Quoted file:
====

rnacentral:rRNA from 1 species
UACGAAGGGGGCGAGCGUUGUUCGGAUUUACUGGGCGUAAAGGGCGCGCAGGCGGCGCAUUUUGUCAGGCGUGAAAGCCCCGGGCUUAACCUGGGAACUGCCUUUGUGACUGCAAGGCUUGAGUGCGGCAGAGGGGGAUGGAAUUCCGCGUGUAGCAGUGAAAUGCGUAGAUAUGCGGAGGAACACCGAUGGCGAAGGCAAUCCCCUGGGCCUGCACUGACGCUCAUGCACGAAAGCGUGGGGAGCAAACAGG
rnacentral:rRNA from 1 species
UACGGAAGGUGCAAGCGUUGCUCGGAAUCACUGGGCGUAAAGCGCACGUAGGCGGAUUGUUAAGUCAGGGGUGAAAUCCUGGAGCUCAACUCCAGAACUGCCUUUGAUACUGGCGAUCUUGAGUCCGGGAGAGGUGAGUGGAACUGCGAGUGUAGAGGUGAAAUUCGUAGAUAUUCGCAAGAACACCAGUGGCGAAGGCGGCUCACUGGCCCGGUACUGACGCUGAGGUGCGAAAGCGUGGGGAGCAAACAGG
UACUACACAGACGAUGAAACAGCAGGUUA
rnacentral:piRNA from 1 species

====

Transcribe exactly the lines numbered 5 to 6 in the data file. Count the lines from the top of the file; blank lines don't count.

UACUACACAGACGAUGAAACAGCAGGUUA
rnacentral:piRNA from 1 species